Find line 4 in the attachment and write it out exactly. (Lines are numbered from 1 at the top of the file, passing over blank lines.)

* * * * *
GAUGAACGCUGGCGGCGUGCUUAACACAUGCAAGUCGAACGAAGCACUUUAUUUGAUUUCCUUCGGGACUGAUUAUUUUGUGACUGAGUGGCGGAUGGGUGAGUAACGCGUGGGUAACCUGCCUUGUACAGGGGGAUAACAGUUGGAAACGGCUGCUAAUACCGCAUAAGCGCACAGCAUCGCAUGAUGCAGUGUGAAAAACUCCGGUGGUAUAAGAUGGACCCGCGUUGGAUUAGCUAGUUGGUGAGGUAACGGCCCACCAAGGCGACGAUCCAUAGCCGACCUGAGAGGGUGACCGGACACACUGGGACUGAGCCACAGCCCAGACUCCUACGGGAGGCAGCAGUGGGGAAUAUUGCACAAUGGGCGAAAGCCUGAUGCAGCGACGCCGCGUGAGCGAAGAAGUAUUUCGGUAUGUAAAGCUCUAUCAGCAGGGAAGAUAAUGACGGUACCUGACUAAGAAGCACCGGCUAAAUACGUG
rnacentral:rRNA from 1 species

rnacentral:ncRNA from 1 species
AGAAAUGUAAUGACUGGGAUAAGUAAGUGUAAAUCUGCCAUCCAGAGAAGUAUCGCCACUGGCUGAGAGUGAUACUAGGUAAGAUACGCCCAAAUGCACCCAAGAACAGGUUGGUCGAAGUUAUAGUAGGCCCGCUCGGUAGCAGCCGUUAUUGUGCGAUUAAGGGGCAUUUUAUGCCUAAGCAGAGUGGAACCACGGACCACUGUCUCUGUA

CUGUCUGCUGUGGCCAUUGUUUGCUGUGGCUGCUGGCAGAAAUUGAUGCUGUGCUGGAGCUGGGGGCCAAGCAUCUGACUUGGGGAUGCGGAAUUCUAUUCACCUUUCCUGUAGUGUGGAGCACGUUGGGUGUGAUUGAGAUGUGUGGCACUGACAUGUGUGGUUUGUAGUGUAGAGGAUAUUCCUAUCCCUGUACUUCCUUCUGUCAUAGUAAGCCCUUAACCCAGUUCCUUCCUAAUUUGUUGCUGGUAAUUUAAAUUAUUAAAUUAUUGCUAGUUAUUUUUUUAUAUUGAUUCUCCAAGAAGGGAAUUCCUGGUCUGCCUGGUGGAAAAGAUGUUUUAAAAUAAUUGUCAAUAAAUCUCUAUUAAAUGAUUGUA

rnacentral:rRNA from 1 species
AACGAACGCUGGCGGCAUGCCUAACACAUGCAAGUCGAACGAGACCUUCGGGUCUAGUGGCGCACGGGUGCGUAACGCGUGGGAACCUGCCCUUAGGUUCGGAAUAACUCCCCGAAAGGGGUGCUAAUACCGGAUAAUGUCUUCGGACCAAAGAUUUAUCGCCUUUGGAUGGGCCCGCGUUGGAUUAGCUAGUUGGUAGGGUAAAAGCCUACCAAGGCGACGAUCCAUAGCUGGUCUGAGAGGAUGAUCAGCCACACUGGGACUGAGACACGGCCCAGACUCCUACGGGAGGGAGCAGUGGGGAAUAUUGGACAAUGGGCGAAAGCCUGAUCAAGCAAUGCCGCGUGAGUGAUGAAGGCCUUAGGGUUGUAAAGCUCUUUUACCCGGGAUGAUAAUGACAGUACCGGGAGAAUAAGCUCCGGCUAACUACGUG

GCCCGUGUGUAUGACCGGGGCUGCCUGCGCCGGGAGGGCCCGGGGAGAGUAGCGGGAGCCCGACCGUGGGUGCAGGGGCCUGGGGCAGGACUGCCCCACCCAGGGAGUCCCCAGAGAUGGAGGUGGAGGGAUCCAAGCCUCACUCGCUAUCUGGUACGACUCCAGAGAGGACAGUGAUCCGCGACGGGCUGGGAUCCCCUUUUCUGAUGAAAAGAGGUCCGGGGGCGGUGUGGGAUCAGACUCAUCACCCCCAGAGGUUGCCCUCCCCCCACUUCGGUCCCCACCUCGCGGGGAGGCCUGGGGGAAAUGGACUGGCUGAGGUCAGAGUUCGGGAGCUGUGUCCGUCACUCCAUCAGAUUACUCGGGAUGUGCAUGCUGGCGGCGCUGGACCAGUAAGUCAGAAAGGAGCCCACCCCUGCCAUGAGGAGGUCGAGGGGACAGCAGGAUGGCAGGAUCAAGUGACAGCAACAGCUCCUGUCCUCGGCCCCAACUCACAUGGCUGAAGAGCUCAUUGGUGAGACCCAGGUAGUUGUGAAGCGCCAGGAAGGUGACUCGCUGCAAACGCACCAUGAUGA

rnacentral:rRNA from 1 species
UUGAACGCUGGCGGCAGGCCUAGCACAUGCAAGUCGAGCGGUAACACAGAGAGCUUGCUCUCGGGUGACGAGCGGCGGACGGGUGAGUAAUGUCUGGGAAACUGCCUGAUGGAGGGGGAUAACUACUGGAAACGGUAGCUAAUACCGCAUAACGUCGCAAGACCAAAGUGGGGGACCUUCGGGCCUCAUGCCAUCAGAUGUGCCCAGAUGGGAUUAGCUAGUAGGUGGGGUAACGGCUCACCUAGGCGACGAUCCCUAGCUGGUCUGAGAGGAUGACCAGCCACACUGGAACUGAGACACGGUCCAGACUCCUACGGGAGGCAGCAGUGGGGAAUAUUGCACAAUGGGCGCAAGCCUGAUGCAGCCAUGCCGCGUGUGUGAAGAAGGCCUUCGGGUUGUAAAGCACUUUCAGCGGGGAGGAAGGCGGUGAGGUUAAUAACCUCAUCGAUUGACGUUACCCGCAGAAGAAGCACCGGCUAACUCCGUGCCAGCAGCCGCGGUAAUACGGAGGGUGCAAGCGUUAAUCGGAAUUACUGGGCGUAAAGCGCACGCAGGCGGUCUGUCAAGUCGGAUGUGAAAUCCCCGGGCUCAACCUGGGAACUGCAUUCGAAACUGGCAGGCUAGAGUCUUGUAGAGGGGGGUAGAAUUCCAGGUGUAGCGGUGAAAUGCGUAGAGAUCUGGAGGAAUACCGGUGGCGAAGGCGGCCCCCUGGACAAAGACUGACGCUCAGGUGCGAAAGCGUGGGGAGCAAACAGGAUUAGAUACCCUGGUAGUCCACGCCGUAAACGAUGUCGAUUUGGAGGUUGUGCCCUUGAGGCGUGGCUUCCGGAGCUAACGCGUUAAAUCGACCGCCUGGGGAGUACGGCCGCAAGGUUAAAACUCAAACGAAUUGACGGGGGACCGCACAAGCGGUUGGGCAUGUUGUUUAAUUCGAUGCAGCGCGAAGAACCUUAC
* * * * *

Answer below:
AGAAAUGUAAUGACUGGGAUAAGUAAGUGUAAAUCUGCCAUCCAGAGAAGUAUCGCCACUGGCUGAGAGUGAUACUAGGUAAGAUACGCCCAAAUGCACCCAAGAACAGGUUGGUCGAAGUUAUAGUAGGCCCGCUCGGUAGCAGCCGUUAUUGUGCGAUUAAGGGGCAUUUUAUGCCUAAGCAGAGUGGAACCACGGACCACUGUCUCUGUA